Just over a year ago, Tracy Dethlefs learned she has stage 1 breast cancer. Since then, she estimates she’s charted some 10,000 miles travelling from her farm near Loup City in central Nebraska to area hospitals for treatment. Every surgery, round of chemotherapy and radiation treatment was a road trip.
“Radiation treatments usually (take) only about 5 minutes (on) a day that they have to see you,” Dethlefs said. “But for a week, for seven weeks in a row, you’re driving every single day to the cancer treatment center. We’re about an hour away from cancer centers.”
Life was already busy. Dethlefs holds down three nursing jobs in Lincoln, Kearney, and at the Loup City high school. She has seven children and step-children. And back on the farm Tracy and her husband keep a small herd of black, Angus cattle.
At times during her treatment, Dethlefs says, the cows had to take a back seat.
“We work our full hours and then come home about six o’clock at night or so,” she said. “So sometimes we’re out here chasing cows in the dark.”
Rural V. Urban
Dethlefs experience is not unusual. Distance is one of the main barriers to treatment for rural cancer patients. It’s also a barrier for research.
Doctors and researchers want to understand more about why cancer is more likely to be fatal for rural residents than most city residents. But rural patients, many of whom live hours from their and doctors and even farther from researchers, are underrepresented in research, according to many in the medical community.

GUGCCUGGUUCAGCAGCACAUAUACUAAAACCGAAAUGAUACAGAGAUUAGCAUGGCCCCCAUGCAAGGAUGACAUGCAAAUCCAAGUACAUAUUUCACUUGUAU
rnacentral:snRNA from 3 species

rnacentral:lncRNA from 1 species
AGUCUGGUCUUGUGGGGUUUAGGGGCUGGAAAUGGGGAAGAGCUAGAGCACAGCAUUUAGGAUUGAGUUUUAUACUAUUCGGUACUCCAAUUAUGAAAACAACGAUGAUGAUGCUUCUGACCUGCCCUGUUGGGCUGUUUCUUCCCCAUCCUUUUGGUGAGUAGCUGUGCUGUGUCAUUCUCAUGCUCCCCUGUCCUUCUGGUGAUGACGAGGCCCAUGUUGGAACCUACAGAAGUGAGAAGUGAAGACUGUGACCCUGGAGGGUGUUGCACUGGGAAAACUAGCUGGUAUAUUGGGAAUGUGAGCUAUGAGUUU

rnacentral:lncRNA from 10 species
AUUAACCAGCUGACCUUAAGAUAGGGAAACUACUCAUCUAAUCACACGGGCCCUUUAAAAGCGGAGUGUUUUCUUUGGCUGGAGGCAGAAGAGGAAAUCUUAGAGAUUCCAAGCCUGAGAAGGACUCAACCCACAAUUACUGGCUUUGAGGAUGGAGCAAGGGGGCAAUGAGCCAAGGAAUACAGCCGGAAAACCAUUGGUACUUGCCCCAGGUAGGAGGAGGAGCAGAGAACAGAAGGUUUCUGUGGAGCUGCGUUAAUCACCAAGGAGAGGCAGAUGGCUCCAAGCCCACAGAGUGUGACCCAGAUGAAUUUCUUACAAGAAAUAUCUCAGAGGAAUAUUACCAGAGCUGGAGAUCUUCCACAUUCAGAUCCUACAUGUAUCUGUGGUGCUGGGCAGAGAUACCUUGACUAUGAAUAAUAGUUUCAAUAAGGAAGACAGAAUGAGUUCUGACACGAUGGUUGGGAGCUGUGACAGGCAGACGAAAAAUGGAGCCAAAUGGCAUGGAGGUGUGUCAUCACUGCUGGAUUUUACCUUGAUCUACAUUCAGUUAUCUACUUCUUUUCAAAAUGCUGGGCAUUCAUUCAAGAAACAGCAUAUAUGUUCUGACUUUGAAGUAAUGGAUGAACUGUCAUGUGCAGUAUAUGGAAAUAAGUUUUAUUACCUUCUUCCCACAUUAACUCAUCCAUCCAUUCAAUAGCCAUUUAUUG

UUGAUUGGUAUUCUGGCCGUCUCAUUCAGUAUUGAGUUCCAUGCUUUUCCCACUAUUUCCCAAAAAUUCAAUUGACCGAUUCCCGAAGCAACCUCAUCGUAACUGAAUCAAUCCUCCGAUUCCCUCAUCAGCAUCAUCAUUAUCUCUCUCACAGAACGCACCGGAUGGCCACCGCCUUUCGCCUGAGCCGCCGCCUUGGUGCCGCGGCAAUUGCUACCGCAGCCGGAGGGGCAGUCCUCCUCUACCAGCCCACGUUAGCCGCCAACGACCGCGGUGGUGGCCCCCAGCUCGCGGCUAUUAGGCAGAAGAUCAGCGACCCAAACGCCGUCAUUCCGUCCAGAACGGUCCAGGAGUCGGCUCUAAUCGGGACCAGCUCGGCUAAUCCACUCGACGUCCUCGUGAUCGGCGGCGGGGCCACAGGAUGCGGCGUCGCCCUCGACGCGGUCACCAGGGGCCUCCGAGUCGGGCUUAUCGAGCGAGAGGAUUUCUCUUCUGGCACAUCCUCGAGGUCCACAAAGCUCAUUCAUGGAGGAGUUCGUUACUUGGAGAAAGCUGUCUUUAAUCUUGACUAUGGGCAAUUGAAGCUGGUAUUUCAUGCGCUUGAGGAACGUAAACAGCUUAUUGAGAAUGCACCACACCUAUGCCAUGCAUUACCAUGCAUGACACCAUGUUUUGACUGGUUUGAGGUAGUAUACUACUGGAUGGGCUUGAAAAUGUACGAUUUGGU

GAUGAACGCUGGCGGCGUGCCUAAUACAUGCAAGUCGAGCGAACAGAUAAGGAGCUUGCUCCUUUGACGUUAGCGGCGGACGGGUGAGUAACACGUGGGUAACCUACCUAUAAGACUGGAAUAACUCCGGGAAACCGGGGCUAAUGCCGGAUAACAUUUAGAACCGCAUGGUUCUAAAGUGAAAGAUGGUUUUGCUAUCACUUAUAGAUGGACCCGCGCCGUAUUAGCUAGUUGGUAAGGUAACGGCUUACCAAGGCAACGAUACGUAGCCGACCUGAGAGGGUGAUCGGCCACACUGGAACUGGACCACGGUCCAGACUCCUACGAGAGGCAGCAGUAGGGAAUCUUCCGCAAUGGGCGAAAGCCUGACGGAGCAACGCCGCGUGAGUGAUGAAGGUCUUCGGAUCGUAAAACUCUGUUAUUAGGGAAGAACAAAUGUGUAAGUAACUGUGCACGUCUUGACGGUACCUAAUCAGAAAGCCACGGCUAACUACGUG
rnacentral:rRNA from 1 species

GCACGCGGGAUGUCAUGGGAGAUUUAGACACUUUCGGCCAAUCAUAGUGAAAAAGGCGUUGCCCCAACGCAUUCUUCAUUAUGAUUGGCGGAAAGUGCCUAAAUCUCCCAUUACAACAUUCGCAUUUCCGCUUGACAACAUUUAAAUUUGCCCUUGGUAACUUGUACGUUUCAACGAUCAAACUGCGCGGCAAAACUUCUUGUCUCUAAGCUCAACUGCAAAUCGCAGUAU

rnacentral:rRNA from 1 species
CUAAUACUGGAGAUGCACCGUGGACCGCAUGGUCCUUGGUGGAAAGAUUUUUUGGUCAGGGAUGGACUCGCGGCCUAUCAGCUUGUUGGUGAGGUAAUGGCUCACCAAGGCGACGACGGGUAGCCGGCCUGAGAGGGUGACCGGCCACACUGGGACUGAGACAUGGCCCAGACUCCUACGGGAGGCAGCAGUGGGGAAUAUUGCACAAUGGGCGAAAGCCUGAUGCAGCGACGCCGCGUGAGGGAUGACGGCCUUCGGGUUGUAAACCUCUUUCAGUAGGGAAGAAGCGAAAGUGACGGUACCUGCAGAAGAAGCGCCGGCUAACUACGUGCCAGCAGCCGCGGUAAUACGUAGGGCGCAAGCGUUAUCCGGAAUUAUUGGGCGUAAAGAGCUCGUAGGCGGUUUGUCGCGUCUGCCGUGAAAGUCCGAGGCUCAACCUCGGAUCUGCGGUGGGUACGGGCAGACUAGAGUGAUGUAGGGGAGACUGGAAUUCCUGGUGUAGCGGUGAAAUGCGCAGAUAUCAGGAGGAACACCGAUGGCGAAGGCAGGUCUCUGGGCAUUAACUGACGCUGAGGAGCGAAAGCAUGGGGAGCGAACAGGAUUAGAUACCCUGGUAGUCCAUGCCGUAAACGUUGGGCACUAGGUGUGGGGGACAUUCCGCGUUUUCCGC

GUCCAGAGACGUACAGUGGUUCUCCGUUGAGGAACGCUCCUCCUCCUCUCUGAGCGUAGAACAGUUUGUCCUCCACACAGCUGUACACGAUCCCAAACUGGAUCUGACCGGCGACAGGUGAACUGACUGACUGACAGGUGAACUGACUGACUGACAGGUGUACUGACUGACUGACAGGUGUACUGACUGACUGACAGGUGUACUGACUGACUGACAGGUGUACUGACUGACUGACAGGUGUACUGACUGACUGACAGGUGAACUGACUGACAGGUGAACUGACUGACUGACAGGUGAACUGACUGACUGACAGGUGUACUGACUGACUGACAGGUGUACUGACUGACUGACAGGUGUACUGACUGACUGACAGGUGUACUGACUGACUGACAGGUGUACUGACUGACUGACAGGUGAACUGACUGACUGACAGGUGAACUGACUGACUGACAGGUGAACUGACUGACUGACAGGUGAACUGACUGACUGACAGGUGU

[pullquote]We’d like to be able to say that a given genetic signature or profile will give us more information than the standard microscopic exam that we’ve used in the last 200 years. But that takes lots and lots and lots and lots of information.[/pullquote]
The big research centers in the Midwest, for instance, are at urban hospitals in places like Omaha, Denver, Kansas City, or Iowa City. In many cases, urban patients have good access to leading research, but rural residents may be missing out.
The concern is that researchers may be missing environmental and genetic factors that could be unique to rural cancer patients.
Cancer patients provide blood and tumor samples, and fill out questions about their family history and lifestyle. Researchers comb the database for patterns.
“It collects a lot of cultural information,” said Dr. Edibaldo Silva, a cancer surgeon at UNMC. “It collects a lot of racial information, collects a lot of age, a lot of genealogy information.”
With that kind of data on rural cancer patients, the registry allows researchers to ask questions they haven’t asked before. Perhaps in the future, a patient’s treatment can be tailored to their cancer’s genetic ID.
“We’d like to be able to say that a given genetic signature or profile will give us more information than the standard microscopic exam that we’ve used in the last 200 years,” Silva said. “But that takes lots and lots and lots and lots of information.”
Prognosis Is Good
More than 20 hospitals are collecting data from sites in Colorado, Nebraska, Iowa, South Dakota and North Dakota, as part of the registry project. Around 2,600 patients are enrolled in the breast cancer registry so far, including Tracy Dethlefs from Loup City.
As more people sign on, Dethlefs hopes researchers will learn what, if anything may raise the cancer risk for rural patients.
“I think you’re finding if there are any common environmental factors, if it could be anything related to our area we live in, water we drink, if it’s our diets that are different,” Dethlefs said. “Anything like that is going to help find different ways to prevent it in the future generations.”
The good news for Dethlefs is that her prognosis is good. The radiation and chemotherapy appear to have worked.
Her case is stored with thousands more in the breast cancer registry. After an exhausting year living with cancer, Dethlefs says, it’s encouraging to know something good could come from it.